But Ren, who previously served in the Chinese military, relishes a good fight.
In an interview with CNN on Wednesday, the Huawei CEO claimed the US government’s “attack and suppression” has delivered a much needed wake-up call to the company’s employees.
The United States has been urging allies to ban the use of Huawei equipment in their 5G networks, saying Beijing could use the technology to spy on other nations. Huawei has repeatedly denied that any of its products pose a security risk.
But after years of success, “our teams are getting lazy, corrupt and weak,” Ren said.
“Since the United States’ attack and suppression of us, everyone has really come together and wants to make our products better,” he said.
After he founded Huawei in 1987, the company faced criticism in China for being pro-capitalist, and was labeled as pro-communist in the West, he said.
‘Heroes always face a lot of suffering’
Ren sees adversity as healthy and says all his employees, including his daughter Meng Wanzhou, could toughen up a bit.
Meng, Huawei’s chief financial officer, was arrested in December in Canada and is fighting extradition to the United States, where she faces charges of bank fraud and violating Iran sanctions. Meng and Huawei deny the charges.
“Heroes always face a lot of suffering. How can you get tough and develop thick skin, if you’ve never been wounded and scarred?” Ren told CNN.
“This suffering is perhaps good training for her will power. It might not be all bad,” he said. He acknowledged it’s not ideal for Meng’s career, though. An executive being prevented from doing their job for a long period of time is “a real shame,” he pointed out.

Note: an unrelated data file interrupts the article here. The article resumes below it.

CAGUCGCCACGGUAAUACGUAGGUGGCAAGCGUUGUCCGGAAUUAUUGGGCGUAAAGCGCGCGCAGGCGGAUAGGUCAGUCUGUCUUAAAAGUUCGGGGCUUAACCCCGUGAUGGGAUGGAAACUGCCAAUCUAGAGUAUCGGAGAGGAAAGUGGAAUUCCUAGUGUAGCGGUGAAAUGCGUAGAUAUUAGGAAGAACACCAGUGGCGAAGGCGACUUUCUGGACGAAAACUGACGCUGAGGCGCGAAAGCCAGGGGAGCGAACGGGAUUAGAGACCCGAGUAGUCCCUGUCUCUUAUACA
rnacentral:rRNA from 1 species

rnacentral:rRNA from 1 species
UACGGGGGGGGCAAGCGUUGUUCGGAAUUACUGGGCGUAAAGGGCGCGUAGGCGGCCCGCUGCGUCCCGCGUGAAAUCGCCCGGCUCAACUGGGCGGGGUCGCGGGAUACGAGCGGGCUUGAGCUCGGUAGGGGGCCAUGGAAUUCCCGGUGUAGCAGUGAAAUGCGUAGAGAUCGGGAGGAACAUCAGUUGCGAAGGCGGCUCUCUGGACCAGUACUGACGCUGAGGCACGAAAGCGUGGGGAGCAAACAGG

Ren has two other children, a son who works at a Huawei subsidiary, and another daughter who is studying at Harvard.
He admits he neglected his kids when they were growing up, saying he was too busy fighting for Huawei’s survival. To make things worse, he said, his overly practical personality didn’t exactly make him a fun dad.
A few days ago, Ren’s wife reminded him of a past transgression when he refused to buy a cheap spinning toy for their daughter.
“She still complains about that incident, which happened when our daughter was still small,” he said. “I told her I can buy it for her now, but she doesn’t need it anymore.”
Letting in Google ‘would benefit China’
Despite the US campaign against his company, Ren is full of admiration for the United States as a leader in business and technology.
He said he hopes the pressure on Huawei won’t push his employees toward “narrow-minded nationalism” or drive them to become “anti-American.”
Ren himself is under scrutiny in the United States.
Asked on Wednesday if he would be nervous about traveling to the United States, Ren said he had no need to visit the country, which is only a small market for Huawei products. But he joked that if he ever ended up in a prison there, he would use the time to write a history book about how the United States became the world’s most powerful country.
Ren also criticized his own country’s restrictions on top US tech companies.
“I’ve always advocated letting Google, Amazon and such companies enter China,” he said. “I think that would benefit China.”
Don’t hold grudges
Ren traveled to the United States in the early 90s, a time when China still lagged far behind developed nations and was starting to slowly open up parts of its economy.
“When I visited … I said that the United States’ prosperity and wealth didn’t come from plunder, they got it from high technology. I said this in 1992,” he said.
Last month, US President Donald Trump tweeted that he wants “5G and even 6G technology” in the United States as soon as possible, adding that American companies need to step up their efforts or get left behind.
Even though Huawei has for years been largely shut out of the market to supply network equipment for major US wireless carriers, Ren said his company stands ready to help if the American government changes its stance.
“We are very capable, we can collaborate on 6G to do even better work,” he said. “I won’t hold grudges.”
Matt Rivers, Yuli Yang and Steven Jiang contributed to this report.